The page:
Those sanctions had been imposed following multiple intelligence reports revealing Russia had attempted to affect the 2016 election via various “hacking” methods. “Russia’s cyberactivities were intended to influence the election, erode faith in US democratic institutions, sow doubt about the integrity of our electoral process, and undermine confidence in the institutions of the US government,” was the White House’s statement at the time as the Obama administration sanctioned Russian individuals and entities while jettisoning 35 Russian diplomats from the country.
Russia quickly retorted they’d be taking similar action in response, with Russian President Vladimir Putin quoted having told reporters there was “no alternative to reciprocal measures.” That same day (it has been revealed), Flynn spoke to the Russian ambassador about the sanctions. The very next day Russia announced it would not reciprocate in any fashion, but rather wait for the new administration to take office.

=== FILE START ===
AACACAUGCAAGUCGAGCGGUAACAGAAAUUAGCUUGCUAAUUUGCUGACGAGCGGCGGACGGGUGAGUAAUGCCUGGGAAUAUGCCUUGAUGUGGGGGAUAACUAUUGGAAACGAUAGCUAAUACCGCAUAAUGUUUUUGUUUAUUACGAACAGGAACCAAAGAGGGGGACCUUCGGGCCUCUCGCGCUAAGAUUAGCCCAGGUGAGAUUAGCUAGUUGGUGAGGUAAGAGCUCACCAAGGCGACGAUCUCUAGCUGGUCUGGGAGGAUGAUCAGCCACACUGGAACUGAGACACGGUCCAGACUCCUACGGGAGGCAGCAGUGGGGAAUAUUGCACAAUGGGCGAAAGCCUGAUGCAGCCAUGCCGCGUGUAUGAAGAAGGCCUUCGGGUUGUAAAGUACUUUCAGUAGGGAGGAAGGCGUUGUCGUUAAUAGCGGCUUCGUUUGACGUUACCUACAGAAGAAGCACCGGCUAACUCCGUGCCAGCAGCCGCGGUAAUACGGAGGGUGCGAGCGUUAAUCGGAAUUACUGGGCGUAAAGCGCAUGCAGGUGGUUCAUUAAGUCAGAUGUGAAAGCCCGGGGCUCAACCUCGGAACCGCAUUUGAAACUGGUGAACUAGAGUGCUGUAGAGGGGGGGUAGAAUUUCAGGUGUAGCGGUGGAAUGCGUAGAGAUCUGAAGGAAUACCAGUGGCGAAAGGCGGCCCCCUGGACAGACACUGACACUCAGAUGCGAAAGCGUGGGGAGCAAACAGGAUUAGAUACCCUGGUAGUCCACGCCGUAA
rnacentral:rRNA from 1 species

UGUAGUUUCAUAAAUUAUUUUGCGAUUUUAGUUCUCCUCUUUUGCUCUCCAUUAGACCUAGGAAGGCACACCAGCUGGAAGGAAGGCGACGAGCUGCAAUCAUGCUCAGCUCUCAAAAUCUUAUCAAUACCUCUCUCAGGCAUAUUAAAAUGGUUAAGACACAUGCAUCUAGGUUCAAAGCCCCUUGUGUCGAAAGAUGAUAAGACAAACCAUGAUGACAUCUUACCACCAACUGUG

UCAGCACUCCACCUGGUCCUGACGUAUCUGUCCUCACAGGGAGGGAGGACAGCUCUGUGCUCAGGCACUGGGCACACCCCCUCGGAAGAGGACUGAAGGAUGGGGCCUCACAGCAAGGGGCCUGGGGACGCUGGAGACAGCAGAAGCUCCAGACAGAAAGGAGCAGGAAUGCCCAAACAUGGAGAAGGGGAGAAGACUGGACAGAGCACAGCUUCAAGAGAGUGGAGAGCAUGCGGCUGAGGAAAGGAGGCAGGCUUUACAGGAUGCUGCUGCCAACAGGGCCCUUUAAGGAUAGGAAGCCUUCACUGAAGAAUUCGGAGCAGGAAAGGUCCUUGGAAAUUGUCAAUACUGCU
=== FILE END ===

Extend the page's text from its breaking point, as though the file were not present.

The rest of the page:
The president-elect then brazenly tweeted “Great move on delay (by V. Putin) - I always new he was very smart!”
As we all know, the current president’s natural mode is to attack and bully, something he has demonstrated almost without exception over the last two years -- during the campaign, after the election, and during these three-and-a-half weeks in office.
He has been almost entirely indiscriminate with his criticisms, including targeting the nation’s traditional allies, high-ranking Republicans, U.S. intelligence agencies, and others whom even those who voted for him probably wish he’d refrain from vilifying. He’s also mixed in lots of knee-jerky attacks on television shows, media figures, particular businesses, and anyone else he believes has offended him.